You can tell a lot about people by what they buy at the grocery store. For instance, that old lady right there, with the two dozen cans of cat food, and the pile of TV dinners (topped with this week's issue of the TV Guide, of course) most likely lives alone with a bunch of cats. She probably can't cook, so she spends her days of retirement watching soap operas and Wheel of Fortune re-runs while she eats frozen meals.

And that guy over there – he's got three six-packs of beer, a can of peanuts, a steak, and one magazine curled up in his hand. He's obviously going home to get smashed. He'll eat his peanuts and drink so much beer that he won't remember looking at the magazine's "100 Sexiest Men Alive" list when he wakes up tomorrow morning. The steak's only there to make him look more manly. How can I tell? It's in his eyes, the way they're twitching from shopper to shopper as if he thinks any one of us might discover his secret and yell it out for the entire store to hear. Don't worry, buddy, no one here cares that looking at half-naked men gives you a stiffy.

"Did you find everything okay?" a female voice says, and I look up to see that I'm at the cashier (finally). I shoot her one of those tight smiles you give people to humor them when you just want them to shut up. Either she doesn't notice or she doesn't care, because she just runs my items through without saying anything. And then she says it: "That's a cute baby you've got there." I sigh. "Taking care of him for your mom or something?"

"Something like that," I reply, keeping my eyes anywhere but on her.

"What's his name?" When she asks this dreadful question, I notice for the first time that she has a bit of a southern drawl. I wonder where she came from to have that accent way up here.

"Emery," I answer as she bags up my last couple of items. I grab the bags thankfully, glancing at Emery in his seat at the front of the grocery cart before piling the bags into the back. Then I get out of that place as quickly as possible.

It's not that I'm ashamed of my kid, it's really not. It's just that no one expects a guy my age to have a kid, so they always ask questions. Questions with answers like, "I was stupid. My girlfriend left me. After she had him, she dropped him off at my house and ran off. I haven't seen her in months." Not a very pleasant subject – I prefer to avoid it altogether. But I really do love Emery. I mean, if I didn't, would I have kept him and begun raising him on my own? If I didn't want him, he'd probably be living with a couple of nice, adoptive parents by now, instead of growing up in my shitty little apartment.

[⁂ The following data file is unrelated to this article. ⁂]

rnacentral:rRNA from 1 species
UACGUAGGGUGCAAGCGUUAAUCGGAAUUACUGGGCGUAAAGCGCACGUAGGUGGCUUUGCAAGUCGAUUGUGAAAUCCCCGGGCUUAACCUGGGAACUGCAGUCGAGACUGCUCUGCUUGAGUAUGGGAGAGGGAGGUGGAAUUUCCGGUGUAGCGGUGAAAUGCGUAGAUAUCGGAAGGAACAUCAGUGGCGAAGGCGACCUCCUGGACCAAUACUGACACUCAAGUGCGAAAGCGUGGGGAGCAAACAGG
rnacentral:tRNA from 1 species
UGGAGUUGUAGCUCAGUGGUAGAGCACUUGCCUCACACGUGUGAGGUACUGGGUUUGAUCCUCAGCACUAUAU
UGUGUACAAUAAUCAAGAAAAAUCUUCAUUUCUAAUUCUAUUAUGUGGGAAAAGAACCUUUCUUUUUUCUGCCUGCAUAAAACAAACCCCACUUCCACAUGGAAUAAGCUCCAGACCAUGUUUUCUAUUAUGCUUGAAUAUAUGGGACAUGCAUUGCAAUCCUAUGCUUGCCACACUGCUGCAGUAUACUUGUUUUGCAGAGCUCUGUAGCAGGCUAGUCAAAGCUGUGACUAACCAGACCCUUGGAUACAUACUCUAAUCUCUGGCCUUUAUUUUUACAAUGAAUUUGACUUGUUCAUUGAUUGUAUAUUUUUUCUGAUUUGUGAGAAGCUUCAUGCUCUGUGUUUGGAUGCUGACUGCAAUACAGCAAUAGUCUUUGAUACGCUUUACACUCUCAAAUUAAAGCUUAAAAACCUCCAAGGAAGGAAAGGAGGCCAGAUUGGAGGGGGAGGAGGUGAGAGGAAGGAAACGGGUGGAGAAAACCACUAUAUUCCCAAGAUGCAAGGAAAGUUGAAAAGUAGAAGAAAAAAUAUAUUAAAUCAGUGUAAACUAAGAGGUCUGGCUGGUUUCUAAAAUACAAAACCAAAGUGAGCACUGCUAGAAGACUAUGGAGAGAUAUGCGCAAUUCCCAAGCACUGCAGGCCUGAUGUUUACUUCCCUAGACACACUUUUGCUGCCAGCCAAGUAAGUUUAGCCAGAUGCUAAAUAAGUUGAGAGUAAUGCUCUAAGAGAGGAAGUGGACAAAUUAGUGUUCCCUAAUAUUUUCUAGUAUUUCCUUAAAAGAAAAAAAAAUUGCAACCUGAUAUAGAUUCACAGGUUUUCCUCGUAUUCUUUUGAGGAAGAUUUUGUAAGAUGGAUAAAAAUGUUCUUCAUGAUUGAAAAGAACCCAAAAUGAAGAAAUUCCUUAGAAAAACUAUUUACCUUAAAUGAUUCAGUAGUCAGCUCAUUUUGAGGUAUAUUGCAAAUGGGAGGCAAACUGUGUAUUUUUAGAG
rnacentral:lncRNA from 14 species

A loud crash and Emery's screaming brings me out of my thoughts. "Shit!" I hear a voice say, and the same echoes in my own mind. "I am so sorry. Guess I lost control of the carts…" Once I take Emery out of his seat and get him to calm down a little bit, I look up to see something that I wasn't expecting. It's a boy – it's obvious he works at the store by the uniform apron and the long row of shopping carts that he just ran into my carriage. "I'm…really sorry – really sorry," he says, as he tries to get the carts back in order. The thing that surprises me, though, is that he's gorgeous.

"Um…yeah," is all I'm able to choke out in reply. In my defense, I have a crying baby on my shoulder, the frozen food in my cart is melting, and some stunning grocery store boy just rammed into me. My cart, I mean. Just rammed into my…cart. "It's okay," I finally manage to say.

"Is he okay?" the guy asks, and it takes me a second to realize that he's asking about Emery.

"Yeah, he's all right. You just scared him, that's all." He finally gets the carts straightened out and he starts to push them away. I'm putting Emery back in his seat when the boy turns around again.

"Again, I'm so sorry." I force a small smile and nod, pushing my cart away to try to get away from the store as quickly as possible.

The next time I see Grocery Store Boy, it's a couple of weeks later and he's bagging. I'm not sure if he recognizes me or Emery first, but in any case, he recognizes one of us. "Oh, hey," he says. "You're the guy I ran into a couple of weeks ago, right?"